Fiction Addiction

Book news and reviews with Bronwyn Sell and Christine Sheehy

Fiction Addiction: Review: Delicacy by David Foenkinos

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Delicacy, by David Foenkinos.
Photo / Supplied
Delicacy, by David Foenkinos. Photo / Supplied

Natalie is alluring, graceful, successful and deeply in love with her husband François. Their relationship is easy, they are contented and she feels free - until one Sunday when François heads out for a jog, is hit by a car and dies a few days later.

So begins Delicacy, the eighth novel from renowned French writer David Foenkinos.

When Natalie returns to the office some months after François' death, she throws herself into her work, avoiding both her grief and the affections of her overly attentive (and married) boss, Charles.

One day as Natalie paces her office, she begins to regard her body as an object of desire once again, just at the moment that her team member Markus knocks on the door. Natalie impulsively kisses him, and promptly forgets all about it.

Markus is a man worthy of the term "non-descript", with a noodle-limp body and an unusual sense of dress.

For him the kiss turns everything upside down, invading his every thought and action. He yearns to understand what has just taken place.

But for Natalie the kiss was "like modern art". There was nothing to say, no explanation to be given. It just was.

Still, Markus sets out to win her heart. What follows is something of an anatomy of attraction, as Foenkinos dissects what it is that draws one to another in defiance of logic or reason, the foolish things one might do for love, and the perils of over-analysing another's words or actions.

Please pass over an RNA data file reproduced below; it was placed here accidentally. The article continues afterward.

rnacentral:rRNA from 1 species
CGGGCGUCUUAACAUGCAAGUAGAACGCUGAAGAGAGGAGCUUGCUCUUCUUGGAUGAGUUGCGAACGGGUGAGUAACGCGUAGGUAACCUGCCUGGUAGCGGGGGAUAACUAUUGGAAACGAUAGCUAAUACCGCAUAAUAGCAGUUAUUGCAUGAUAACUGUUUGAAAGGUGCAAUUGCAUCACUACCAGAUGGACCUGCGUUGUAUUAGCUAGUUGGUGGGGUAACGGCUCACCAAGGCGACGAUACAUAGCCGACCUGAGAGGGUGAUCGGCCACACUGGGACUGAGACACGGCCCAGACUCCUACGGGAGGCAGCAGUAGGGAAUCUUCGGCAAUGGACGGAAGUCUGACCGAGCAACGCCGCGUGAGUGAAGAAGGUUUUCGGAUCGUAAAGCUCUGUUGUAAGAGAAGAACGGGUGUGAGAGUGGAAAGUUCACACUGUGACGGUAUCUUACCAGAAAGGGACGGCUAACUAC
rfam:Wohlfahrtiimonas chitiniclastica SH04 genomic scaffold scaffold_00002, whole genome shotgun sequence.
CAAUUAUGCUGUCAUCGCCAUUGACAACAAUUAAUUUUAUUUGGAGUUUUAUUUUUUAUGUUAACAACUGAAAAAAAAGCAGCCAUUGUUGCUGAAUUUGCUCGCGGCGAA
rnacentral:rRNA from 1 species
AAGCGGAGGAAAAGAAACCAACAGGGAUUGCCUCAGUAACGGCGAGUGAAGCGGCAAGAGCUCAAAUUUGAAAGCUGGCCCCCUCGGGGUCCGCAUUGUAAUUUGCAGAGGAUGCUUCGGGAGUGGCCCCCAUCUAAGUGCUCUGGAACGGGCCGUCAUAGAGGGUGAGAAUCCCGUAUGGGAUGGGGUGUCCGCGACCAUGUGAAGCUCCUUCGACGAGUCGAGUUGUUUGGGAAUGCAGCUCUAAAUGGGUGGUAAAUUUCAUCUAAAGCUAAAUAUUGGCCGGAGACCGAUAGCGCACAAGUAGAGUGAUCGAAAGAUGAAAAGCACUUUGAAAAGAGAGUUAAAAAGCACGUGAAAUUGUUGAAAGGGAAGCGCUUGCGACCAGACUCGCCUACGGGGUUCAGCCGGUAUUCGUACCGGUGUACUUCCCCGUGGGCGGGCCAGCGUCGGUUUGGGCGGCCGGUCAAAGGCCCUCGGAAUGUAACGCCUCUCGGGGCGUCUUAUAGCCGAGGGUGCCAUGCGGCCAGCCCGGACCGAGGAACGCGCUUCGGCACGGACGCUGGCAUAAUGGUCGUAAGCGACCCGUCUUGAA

It's an introspective book, full of internal dialogue, miniscule movements and poignant observations. It is also funny, as Markus' oddball sense of humour continues to surprise both Natalie and the reader. As she puts it, "You never knew what he was going to say. The words in his brain seemed like lotto balls before they came out of the machine."

The story explores the mechanics of workplace attraction, the suffocating nature of gossip and intrigue and the potential power of a boss with a personal agenda.

It's a relatively quick read, with short chapters broken into blocks of ideas, and interspersed with lists, quotations, lyrics, references to works of art, or extraneous facts related to the story. Thinking points if you will, reminiscent of Nick Hornby. Some seem random or obscure, others poignant or amusing.

Delicacy was the first book ever to be nominated for all five major French literary prizes and will soon be released as a major film, starring Audrey Tautou of Amélie fame.
This is the first of Foenkinos' books to be translated into English and, while it's difficult to judge the quality of a translation without reading the original, Bruce Benderson's version reveals a light and playful use of language.

It's a delightful book, subtle, amusing and yes, delicate. Read it quick, before you're tempted to see the the film.

Have you read Delicacy? What are your thoughts?

- HERALD ONLINE

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